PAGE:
We can learn that where we are weakest, the Lord will teach us the most in His grace, mercy and peace, so we can serve and love others in Christ’s transforming forgiveness (Romans 12: 1 and following).  

Christians Stand Trial In Finland Today For Affirming Men And Women Are Different

Historical trial – prosecutor demands fines (google translate in upper right corner)

Lord Jesus Christ, before whom all in heaven and earth shall bow, grant courage that Your children may confess Your saving name in the face of any opposition from a world hostile to the Gospel. Help them to remember Your faithful people who sacrificed much and even faced death rather than dishonor You when called upon to deny the faith. By Your Spirit, strengthen them to be faithful and to confess You boldly, knowing that You will confess Your own before the Father in heaven, with whom You and the Holy Spirit live and reign, one God, now and forever. Amen

I Timothy 1-15 Photograph by Lea Rhea Photography

The Collect of the Day

Lord Jesus Christ, You have always given to Your Church on earth faithful shepherds such as Timothy to guide and feed Your flock. Make all pastors diligent to preach Your holy Word and administer Your means of grace, and grant Your people wisdom to follow in the way that leads to life eternal; for You live and reign with the Father and the Holy Spirit, one God, now and forever.

The Appointed Lessons: Acts 16:1–5 Psalm 71: 15–24 (v. 6) 1 Timothy 6: 11–16 St. Matthew 24: 42–47

Bio:  St. Timothy had Christian believers in his family. His mother, Eunice, was a Christian woman and was the daughter of a Christian woman named Lois (2 Timothy 1:5). Acts records that St. Paul met Timothy on his second missionary journey and wanted Timothy to continue on with him (16:1-3). Over time, Timothy became a dear friend and close associate of Paul to whom Paul entrusted mission work in Greece and Asia Minor. Timothy was also with Paul in Rome. According to tradition, after Paul’s death, Timothy went to Ephesus, where he served as bishop and was martyred around AD 97. Timothy is best remembered as a faithful companion of Paul, one who rendered great service among the Gentile churches.

Reflection by  Fr. Valerius Herberger (21 April 1562-18 May 1627, German Lutheran preacher and theologian):

“Dearly beloved, today we celebrate the commemoration of St. Timothy. He was born in Lystra (Acts 16:2); his father was a pagan, but his mother, Eunice, born an Israelite, had accepted the Christian faith and had committed her son, Timothy, to be raised by her mother, Lois, who was also a Christian. So Timothy learned the catechism from his grandmother. See, dear parents, what the diligent training of children can do! Now since he was a good, excellent thinker, St. Paul accepted him as his colleague or chaplain, and since he improved himself daily, Paul eventually ordained him as bishop of Ephesus, where he was also killed by the raging pagans. St. Paul loved him dearly, which we can see from both epistles that he wrote to him. In 1 Timothy 1:2, he calls him his true son in the faith. From these two epistles, many passages shine forth like the stars of heaven:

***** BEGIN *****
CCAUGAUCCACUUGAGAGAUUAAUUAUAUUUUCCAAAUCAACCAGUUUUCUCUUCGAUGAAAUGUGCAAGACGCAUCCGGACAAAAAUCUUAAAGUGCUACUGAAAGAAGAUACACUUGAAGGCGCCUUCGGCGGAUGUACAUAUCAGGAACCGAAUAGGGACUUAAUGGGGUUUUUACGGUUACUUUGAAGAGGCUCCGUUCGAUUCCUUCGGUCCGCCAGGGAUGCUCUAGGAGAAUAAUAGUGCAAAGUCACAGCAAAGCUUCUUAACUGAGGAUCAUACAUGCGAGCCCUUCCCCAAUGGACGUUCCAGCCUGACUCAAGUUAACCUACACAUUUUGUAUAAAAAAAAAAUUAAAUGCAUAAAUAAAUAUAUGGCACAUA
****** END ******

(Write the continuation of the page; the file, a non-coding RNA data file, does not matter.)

1 Timothy 1:5: “The aim of the commandment is love from a pure heart and from a good conscience and from a faith unfeigned.”

1 Timothy 1:15: “The saying is trustworthy and deserving of full acceptance, that Christ Jesus came into the world to save sinners.”

2 Timothy 3:12: “Indeed, all who desire to live a godly life in Christ Jesus will be persecuted.”

2 Timothy 3:16-17: “All Scripture is breathed out (inspired) by God and profitable for teaching, for reproof, for correction, and for training in righteousness, that the man of God may be competent, equipped for every good work.”

Since St. Paul and St. Timothy were dear friends, they were put beside each other in the calendar, and also on the day of St. Timothy, the Gospel of John 15:9-16 is read, which speaks of pure love and friendship.” (From The Treasury of Daily Prayer)